CESNUR 2004 INTERNATIONAL CONFERENCE
In 1999, I started a study of Hamas by interviewing religious militants (and extremists) of various persuasions, police and intelligence officers, and scholars in Israel, the West Bank, and Europe. My conclusions were later published as a book (Introvigne 2003.) Contrary to many reports in the news media, I did not find Hamas militants to be brainwashed zombies, nor there was any evidence that most of them were mentally disturbed, poorly educated, or desperately poor. Some who declared their willingness to become martyrs certainly had better schooling, and came from more affluent families, than the average Palestinian. There were sons of doctors, lawyers, and government bureaucrats. They looked, if anything, embarrassingly normal. Some even passed my favourite test for normalcy (at least one I can apply outside the U.S.,) i.e. were familiar with the latest events in Italian major league soccer.
My results were by no means unique. Nasra Hassan (2001, 39,) a relief worker who wrote an important article in The New Yorker, wrote that none of the suicide bombers they ranged in age from eighteen to thirty-eight conformed to the typical profile of the suicidal personality. None of them were uneducated, desperately poor, simple-minded, or depressed. Many were middle class and, unless they were fugitives, held paying jobs. More than half of them were refugees from what is now Israel. Two were the sons of millionaires. They all seemed to be entirely normal members of their families. They were polite and serious, and in their communities they were considered to be model youths. A study by Berrebi (2003) confirmed that, by Palestinian standards, a large majority of suicide bombers have a better than average level of schooling and of income. In 2003 Alan Krueger and Jitka Maleckova (2003, 144) broadened their analysis to include suicide bombers from Islamic groups other than Hamas, and found little direct connection between poverty or [poor] education and participation in terrorism.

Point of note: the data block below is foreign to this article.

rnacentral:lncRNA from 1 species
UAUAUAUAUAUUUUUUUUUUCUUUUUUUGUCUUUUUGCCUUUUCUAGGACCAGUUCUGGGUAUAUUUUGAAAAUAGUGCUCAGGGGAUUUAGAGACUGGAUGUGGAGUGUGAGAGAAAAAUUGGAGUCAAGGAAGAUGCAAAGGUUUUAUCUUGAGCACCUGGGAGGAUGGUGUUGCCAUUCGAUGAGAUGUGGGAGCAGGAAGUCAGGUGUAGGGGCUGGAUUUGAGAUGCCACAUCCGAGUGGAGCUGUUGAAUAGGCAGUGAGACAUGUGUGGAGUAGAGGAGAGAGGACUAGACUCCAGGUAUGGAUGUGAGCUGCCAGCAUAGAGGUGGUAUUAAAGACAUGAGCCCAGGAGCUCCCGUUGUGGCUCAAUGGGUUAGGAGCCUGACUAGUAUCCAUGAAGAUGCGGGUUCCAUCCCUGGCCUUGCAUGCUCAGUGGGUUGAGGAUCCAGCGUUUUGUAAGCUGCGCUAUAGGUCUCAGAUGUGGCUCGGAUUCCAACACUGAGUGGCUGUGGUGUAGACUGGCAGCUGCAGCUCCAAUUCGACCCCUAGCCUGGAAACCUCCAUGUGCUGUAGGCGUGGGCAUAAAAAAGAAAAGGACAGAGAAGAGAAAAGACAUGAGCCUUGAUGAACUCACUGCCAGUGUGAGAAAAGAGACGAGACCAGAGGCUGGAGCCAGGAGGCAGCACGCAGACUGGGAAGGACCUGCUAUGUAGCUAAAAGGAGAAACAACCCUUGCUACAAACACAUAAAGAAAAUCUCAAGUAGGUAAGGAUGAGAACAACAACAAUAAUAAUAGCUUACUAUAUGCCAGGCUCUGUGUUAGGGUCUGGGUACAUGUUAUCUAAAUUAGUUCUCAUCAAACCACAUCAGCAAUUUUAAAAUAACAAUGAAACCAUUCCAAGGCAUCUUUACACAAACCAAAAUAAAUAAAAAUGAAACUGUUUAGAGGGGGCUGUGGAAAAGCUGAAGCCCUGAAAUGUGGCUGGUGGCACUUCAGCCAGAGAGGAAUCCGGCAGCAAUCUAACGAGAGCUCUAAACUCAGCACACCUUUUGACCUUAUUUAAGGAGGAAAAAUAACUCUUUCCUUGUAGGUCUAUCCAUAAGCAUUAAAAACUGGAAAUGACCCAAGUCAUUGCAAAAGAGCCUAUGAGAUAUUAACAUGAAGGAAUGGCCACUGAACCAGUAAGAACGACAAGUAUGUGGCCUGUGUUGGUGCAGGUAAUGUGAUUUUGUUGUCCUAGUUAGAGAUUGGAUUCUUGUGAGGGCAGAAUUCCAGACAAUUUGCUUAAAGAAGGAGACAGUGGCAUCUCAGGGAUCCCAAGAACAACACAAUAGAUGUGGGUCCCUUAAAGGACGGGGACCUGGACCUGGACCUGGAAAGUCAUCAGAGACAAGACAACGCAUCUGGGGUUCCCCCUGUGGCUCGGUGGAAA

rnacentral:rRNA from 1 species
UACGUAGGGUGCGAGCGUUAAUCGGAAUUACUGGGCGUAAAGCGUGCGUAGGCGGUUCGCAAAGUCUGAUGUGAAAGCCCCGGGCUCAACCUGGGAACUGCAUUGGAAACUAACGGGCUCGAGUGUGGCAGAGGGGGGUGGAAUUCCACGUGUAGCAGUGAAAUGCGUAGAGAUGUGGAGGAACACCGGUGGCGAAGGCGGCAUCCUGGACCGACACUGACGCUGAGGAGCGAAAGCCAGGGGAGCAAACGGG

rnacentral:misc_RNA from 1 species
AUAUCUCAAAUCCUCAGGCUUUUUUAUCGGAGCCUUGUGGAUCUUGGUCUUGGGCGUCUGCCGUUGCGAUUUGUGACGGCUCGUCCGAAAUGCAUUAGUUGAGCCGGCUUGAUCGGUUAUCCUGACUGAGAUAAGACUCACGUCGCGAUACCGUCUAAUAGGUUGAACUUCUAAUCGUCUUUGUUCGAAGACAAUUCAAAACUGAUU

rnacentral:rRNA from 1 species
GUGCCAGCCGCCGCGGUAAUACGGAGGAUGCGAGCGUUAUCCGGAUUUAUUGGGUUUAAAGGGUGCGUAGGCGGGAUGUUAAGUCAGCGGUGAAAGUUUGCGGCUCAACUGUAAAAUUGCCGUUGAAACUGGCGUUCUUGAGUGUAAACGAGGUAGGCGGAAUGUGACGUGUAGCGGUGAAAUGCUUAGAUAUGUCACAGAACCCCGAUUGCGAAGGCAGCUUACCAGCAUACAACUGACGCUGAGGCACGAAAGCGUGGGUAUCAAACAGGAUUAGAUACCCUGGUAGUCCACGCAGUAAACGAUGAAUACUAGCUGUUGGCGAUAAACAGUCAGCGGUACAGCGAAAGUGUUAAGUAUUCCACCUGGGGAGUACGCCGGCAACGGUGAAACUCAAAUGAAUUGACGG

Of course, the observations made about Hamas are even more true for Al Qaida and some other groups engaged in suicide terrorism. Not only is Osama bin Ladens background obviously not rooted in poverty; his deputy, the Egyptian Ayman al-Zawahiri, is a medical doctor whose two grandfathers were presidents of the two main Cairo universities. Mohammed Atta, the leading figure in the September 11 attack, was the son of a rich Egyptian lawyer and had just earned a degree in urban studies at the German University of Hamburg. Terrorists from Chechnya, most of them female, are often mentioned as exceptions. According to a certain Russian propaganda, they are poor peasants often raped as teenagers: hence, they are excluded from the conservative local matrimonial market, and find their only alternative in suicide terrorism. Yet, one of the few biographies we know of these female terrorists refers to Zarina Alikhanova (1976-2003,) who on May 12, 2003 took with her sixty people in a suicide bombing in Znamenskoye. As reconstructed by two well-respected Russian journalists (Shermatova and Teit, 2003,) her biography fails to conform to the raped peasant stereotype. Alikhanova was born in Kazakhstan from a Chechen father who had become a Kazakh government officer, and an Ingush mother who owned department stores in the Kazakh capital Almati. She attended an exclusive German school, developed a passion for ballet, and starred as Juliet in a production of Prokofievs Romeo and Juliet at Almatis Opera Theater. She also developed a militant interest for the Chechen Islamist cause, and married a Chechen guerrilla leader who was killed in 1999, prompting her to become one of the black widows candidates to martyrdom through suicide bombing. We may say that themes of romantic love and vendetta interacted here with Islamism; but a marginal peasant Zarina Alikhanova was not.